We’re coming towards the end of the series on how to create a capsule wardrobe. A few bloggers who cover similar themes have asked why I haven’t charged for it or at least collected email addresses in return for the downloads so I thought I’d explain for others who are wondering. I’m very flattered that you think it’s worth charging for but there are two reasons why I haven’t. Firstly, it’s been a way of giving something back to Midlifechic readers who are always supportive when I write sponsored posts. I did a couple of extra ones in the run up to Christmas which enabled me to dedicate January to this series, knowing that my blog costs are covered. Secondly, I’m hoping that it may help us all to think about how many clothes we need.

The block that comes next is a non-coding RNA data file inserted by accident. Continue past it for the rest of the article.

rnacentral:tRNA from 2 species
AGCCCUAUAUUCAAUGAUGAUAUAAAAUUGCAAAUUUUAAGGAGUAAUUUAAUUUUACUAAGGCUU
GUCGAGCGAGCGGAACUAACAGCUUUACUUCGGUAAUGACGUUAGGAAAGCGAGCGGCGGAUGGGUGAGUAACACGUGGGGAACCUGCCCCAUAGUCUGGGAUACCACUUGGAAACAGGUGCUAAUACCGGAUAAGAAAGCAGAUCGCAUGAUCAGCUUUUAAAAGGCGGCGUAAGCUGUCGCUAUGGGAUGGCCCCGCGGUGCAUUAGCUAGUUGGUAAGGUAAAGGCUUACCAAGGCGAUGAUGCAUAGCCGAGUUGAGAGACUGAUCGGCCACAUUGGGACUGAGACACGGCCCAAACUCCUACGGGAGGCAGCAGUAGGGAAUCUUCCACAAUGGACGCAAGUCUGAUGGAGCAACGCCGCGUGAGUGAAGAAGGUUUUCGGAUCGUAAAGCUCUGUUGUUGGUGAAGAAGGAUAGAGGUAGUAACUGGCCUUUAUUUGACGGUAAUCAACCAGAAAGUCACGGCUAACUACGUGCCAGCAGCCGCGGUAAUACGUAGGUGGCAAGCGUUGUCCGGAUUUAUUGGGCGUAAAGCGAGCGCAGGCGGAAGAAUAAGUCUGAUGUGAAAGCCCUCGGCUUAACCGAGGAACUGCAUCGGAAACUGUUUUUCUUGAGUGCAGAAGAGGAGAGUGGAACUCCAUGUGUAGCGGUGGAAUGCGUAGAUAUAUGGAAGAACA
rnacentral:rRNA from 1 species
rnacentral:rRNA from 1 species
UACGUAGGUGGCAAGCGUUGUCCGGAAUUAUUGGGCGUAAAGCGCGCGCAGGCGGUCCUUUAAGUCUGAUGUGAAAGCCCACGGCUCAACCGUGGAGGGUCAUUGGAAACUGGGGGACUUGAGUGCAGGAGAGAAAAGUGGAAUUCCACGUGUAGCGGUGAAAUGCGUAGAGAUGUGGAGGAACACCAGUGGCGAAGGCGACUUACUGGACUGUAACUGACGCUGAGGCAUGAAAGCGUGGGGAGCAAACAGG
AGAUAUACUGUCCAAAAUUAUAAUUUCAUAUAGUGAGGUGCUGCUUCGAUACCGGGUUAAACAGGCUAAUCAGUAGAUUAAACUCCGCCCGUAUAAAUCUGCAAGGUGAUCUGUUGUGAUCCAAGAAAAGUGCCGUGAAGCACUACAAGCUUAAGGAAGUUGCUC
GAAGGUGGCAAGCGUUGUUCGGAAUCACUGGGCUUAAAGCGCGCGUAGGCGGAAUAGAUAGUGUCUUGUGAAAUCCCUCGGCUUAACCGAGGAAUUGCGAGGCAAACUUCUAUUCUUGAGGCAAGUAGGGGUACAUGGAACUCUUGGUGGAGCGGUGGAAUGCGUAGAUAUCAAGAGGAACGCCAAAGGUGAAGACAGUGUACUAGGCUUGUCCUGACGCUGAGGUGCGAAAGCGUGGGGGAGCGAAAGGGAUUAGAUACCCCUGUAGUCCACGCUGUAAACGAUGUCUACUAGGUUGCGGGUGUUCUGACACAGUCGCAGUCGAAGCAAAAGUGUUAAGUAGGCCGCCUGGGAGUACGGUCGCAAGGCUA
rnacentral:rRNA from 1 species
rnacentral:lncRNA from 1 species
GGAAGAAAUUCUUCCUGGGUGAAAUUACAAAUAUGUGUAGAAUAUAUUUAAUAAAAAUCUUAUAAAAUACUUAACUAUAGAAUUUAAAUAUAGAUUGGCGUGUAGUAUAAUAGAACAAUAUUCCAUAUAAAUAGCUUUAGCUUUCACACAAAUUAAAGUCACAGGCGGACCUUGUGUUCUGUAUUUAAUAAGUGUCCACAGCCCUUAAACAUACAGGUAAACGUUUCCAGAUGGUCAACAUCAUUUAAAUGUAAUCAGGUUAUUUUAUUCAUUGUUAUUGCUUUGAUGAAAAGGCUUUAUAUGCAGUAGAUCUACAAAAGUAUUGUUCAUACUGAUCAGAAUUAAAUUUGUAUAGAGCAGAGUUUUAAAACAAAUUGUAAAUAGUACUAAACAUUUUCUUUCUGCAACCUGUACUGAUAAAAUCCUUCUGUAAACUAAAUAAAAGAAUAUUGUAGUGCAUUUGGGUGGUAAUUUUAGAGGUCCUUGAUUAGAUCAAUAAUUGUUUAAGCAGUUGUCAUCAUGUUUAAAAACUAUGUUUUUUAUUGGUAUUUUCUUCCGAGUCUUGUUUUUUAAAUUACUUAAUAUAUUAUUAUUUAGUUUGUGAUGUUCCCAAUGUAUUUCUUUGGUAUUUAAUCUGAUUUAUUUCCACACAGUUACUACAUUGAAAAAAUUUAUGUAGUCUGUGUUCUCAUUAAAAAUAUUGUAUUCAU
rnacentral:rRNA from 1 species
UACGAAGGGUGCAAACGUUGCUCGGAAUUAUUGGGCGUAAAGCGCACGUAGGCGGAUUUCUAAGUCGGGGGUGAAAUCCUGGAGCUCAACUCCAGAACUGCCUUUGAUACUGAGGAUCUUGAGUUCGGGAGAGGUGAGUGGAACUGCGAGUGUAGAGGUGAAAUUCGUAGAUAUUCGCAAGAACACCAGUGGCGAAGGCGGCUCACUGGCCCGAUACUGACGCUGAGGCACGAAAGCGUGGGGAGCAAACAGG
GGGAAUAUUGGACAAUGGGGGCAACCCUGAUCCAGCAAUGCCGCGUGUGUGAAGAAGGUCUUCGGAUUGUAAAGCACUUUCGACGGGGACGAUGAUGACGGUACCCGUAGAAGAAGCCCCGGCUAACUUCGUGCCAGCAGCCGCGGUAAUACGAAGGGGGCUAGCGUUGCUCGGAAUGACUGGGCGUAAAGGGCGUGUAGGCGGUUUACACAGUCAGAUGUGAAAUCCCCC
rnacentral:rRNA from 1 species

I appreciate that I’m in a lucky position of sometimes being gifted items by brands. It would be easy to accept far more than I do but I try to draw a line so that I have enough to feature on here to keep it fresh but not so much that it becomes unrealistic. It’s yet another of the reasons why I’ve stepped back from Instagram recently – the acceptance of gifted clothing in order to fill feeds feels as though it’s getting out of hand. I could counterbalance it by going on and showing what I wear every day (which is very capsule related) and maybe I will when there are longer days to take photos. As it stands at the moment I barely open Instagram because I find it makes me want to scream.